Here is an update on policy and regulatory issues of vital interest to contractors and the union construction and maintenance industry.
Hopes for a major infrastructure investment package appear to be fading after President Trump walked out of a meeting with Congressional leaders last month. House and Senate Democratic leaders and the President had agreed to move forward on a $2 trillion infrastructure package this year at an earlier meeting. Not long after the initial meeting, however, it became clear that identifying the revenues to pay for this level of investment would be a major challenge.
Prior to the meeting, tension between the White House and Democrats escalated when Trump told congressional leadership that he wants his replacement for NAFTA passed before he will consider an infrastructure bill. Despite the White House's commitment to come up with a way to pay for the package, the President insisted Democratic leaders come to the meeting with their infrastructure priorities and how they proposed to pay for the investment. He also expressed frustration with the ongoing Congressional investigations. At this point, it does not appear an infrastructure package will come together.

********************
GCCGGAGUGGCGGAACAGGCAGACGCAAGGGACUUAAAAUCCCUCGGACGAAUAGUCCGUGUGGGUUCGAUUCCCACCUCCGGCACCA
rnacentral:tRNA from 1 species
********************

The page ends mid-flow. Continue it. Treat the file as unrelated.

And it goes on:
Proposal to Undermine Registered Apprenticeships?
The Administration is expected to release a new rule overhauling the nation's apprenticeship and training system. The draft regulation is awaiting White House sign-off. One of the key aspects of the proposed system would be the establishment of the new "Industry Recognized Apprenticeship Program" (IRAPs). These new programs are designed to work outside of the existing registered apprenticeship system and provide greater flexibility. It would also allow employers to design and certify their own federally assisted training programs with minimal government oversight.
This new approach has raised concerns with building trade unions and contributing employers - namely, that the new programs would lack sufficient government oversight and training standards and would ultimately undermine the current registered apprenticeship programs.
Department of Labor has issued guidance allowing for the establishment of the IRAPs. That guidance did not allow for the use of IRAPs in the construction industry and clearly stated that participants in IRAPs are not be considered apprentices under Davis-Bacon. It is widely reported that the Administration is reconsidering this construction exclusion in the proposed rule.
Bipartisan Legislation to Promote Registered Apprenticeships
Rep. Donald Norcross (D-NJ) and Rep. Mike Kelly (R-PA) introduced bipartisan legislation to allow participants in registered apprenticeship programs to fund tools and equipment for the program out of a "529" college savings plan. H.R. 2679, the "529 Opening Paths to Invest in Our Nation's Students (529 OPTIONS) Act" authorizes individuals enrolled in a registered apprenticeship to use money from their 529 Education Savings account, tax-free, to pay for expenses associated with being an apprentice, including: books, supplies, and equipment; child care at a licensed day care center; transportation, and obtaining an industry certification, or other type of credential, in connection with such enrollment, attendance or completion of such program.